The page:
No home to go but the road
Dale Farm located in Essex was the largest Irish Travellers community in Britain. On the 19th October 2011 after ten years battle with Basildon council, 86 families were evicted leaving around 400 people homeless.
Riot police broke into Dale Farm with violent clashes between them and travellers' supporters. Families were force to leave their land and their homes were destroyed by the bailiffs Constant & Co. leaving behind a huge toxic wasteland.
Irish travellers had lived at Dale Farm since 1980s. After 1994 the English government released local authorities from the duty to provide alternative sites for travellers, forcing them to look for permanent places to settle elsewhere. Irish Traveller families bought the land at Dale Farm leaving behind a nomadic and traditional way of life.
Over the years travellers cleared the Dale Farm site, moving in their caravans. Their children attended the local schools and a postal address facilitated their daily life and local integration. Other traveller families joined the site having being evicted from illegal sites.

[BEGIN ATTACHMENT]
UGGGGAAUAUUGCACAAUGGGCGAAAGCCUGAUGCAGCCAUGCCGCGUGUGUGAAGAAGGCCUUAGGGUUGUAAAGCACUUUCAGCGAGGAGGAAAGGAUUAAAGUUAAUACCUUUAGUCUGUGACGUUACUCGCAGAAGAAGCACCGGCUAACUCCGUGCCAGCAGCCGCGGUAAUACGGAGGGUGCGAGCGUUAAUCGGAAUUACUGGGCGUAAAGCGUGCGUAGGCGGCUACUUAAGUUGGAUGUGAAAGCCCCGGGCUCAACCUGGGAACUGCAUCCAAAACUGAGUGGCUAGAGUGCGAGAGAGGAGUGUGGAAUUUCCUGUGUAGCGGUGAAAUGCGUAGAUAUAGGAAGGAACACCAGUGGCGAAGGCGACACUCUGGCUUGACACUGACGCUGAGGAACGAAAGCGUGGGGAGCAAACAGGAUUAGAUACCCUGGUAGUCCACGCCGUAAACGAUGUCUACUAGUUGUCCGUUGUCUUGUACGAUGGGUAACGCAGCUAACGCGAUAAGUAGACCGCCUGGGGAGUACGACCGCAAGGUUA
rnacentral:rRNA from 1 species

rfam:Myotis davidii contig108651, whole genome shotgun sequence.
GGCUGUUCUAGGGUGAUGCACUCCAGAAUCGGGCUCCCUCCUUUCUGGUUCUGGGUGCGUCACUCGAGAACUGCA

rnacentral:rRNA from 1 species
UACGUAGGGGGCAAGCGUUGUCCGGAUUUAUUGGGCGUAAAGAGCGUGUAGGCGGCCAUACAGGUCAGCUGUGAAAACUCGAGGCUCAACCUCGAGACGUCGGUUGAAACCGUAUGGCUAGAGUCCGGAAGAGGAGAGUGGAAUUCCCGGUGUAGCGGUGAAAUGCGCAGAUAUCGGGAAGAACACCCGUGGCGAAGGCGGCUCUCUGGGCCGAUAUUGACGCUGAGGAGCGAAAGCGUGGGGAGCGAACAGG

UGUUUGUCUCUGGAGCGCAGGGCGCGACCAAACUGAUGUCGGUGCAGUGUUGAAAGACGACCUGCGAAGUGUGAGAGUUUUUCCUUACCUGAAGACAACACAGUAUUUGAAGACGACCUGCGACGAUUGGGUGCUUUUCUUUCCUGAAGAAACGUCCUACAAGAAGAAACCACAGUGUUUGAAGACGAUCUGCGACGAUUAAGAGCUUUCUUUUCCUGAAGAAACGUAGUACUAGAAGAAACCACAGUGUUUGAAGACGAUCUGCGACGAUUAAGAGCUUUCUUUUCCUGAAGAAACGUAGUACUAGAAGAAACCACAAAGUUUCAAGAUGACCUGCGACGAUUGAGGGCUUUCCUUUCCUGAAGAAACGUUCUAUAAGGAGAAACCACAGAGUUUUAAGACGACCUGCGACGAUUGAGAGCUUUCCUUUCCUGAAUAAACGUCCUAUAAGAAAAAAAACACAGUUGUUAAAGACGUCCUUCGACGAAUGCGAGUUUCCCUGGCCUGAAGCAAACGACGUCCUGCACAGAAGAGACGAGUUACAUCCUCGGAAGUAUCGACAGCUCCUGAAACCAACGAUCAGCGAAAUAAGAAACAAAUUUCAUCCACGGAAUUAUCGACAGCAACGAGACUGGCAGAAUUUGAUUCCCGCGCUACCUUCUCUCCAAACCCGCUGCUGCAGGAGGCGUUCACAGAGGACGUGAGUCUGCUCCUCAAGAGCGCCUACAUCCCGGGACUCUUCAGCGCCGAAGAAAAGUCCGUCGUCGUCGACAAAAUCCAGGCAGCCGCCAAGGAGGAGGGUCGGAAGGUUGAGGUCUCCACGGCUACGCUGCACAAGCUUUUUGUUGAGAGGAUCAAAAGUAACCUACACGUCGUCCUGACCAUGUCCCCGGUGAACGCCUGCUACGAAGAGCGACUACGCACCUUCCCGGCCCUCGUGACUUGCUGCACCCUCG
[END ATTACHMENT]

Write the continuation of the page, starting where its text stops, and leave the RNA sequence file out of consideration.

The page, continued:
After a ten year battle with Basildon Council, in May 2011 the High Court ruled in favour of the council's decision to evict the travellers at a cost of £18 million. Activists and international human rights organisations started a campaign to support the travellers.
With nowhere else to go, in October 2013 around 30 of the evicted families were living only 100 yards away from the caravan site. Children’s living conditions were very poor facing a hard winter with inadequate access to water and toilet facilities. Electricity was supplied by generators with expensive fuel.
Other families travelled around England searching for new pitches to settle in facing more enforcement notices. Lack of a permanent home has a impact more heavily on children’s education and the elderly. Families found themselves separated from their culture and traditions.